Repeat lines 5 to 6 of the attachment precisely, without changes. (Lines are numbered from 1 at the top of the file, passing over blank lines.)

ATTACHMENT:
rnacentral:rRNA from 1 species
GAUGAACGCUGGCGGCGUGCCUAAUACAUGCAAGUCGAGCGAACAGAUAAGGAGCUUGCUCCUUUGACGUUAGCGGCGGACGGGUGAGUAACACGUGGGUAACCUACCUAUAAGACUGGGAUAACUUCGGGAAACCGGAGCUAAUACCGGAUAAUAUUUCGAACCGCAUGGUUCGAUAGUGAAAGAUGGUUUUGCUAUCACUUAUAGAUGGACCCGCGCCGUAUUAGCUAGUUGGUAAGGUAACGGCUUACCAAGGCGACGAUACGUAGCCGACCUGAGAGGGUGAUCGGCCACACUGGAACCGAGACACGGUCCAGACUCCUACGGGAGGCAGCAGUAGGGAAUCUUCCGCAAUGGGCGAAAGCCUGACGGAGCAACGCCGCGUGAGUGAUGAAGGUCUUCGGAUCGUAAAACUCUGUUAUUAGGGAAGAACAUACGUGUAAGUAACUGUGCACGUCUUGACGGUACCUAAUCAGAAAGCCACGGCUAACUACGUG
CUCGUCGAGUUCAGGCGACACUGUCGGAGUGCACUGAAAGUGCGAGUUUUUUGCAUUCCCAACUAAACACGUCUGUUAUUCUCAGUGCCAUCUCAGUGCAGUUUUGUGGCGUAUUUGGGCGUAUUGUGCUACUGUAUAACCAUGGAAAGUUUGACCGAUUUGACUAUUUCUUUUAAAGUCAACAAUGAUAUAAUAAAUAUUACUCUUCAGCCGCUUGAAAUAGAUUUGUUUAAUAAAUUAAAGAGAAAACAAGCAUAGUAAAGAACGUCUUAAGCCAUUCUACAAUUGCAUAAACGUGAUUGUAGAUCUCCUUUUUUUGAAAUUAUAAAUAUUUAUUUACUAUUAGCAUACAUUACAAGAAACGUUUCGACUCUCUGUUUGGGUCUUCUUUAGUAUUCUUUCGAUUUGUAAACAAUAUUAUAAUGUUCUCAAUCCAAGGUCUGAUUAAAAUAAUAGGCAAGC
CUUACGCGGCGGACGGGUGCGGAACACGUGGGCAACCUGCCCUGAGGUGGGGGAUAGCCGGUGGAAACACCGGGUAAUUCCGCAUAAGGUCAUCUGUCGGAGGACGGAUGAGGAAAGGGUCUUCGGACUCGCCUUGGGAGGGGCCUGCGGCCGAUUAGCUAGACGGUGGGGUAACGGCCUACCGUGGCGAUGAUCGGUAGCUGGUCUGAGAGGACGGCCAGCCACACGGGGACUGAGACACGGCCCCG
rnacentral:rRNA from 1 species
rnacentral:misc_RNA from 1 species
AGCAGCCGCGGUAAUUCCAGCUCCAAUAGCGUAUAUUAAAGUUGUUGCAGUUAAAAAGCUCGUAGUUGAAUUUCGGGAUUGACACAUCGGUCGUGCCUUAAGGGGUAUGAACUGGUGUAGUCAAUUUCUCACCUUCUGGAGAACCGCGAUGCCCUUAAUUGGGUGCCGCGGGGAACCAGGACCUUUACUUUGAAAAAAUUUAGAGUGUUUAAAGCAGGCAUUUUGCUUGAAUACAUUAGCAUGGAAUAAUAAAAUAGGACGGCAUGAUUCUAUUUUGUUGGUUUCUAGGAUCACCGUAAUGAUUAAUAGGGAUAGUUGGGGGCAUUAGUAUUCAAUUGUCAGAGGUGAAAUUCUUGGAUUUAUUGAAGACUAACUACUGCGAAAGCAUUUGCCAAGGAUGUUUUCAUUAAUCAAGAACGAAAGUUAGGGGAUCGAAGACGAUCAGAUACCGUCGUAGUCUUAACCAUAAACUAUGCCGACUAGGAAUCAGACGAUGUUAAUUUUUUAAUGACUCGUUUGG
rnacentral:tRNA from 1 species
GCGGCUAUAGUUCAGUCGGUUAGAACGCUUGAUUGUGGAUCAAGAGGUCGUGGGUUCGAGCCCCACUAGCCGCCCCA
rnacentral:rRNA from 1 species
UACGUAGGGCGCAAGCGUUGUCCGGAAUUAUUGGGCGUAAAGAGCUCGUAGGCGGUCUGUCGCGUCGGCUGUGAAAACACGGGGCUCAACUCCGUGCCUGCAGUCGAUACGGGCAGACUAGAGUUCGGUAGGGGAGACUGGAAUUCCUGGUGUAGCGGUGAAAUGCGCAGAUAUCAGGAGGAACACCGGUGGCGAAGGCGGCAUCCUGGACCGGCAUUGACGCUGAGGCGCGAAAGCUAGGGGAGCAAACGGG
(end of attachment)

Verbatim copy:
rnacentral:rRNA from 1 species
rnacentral:misc_RNA from 1 species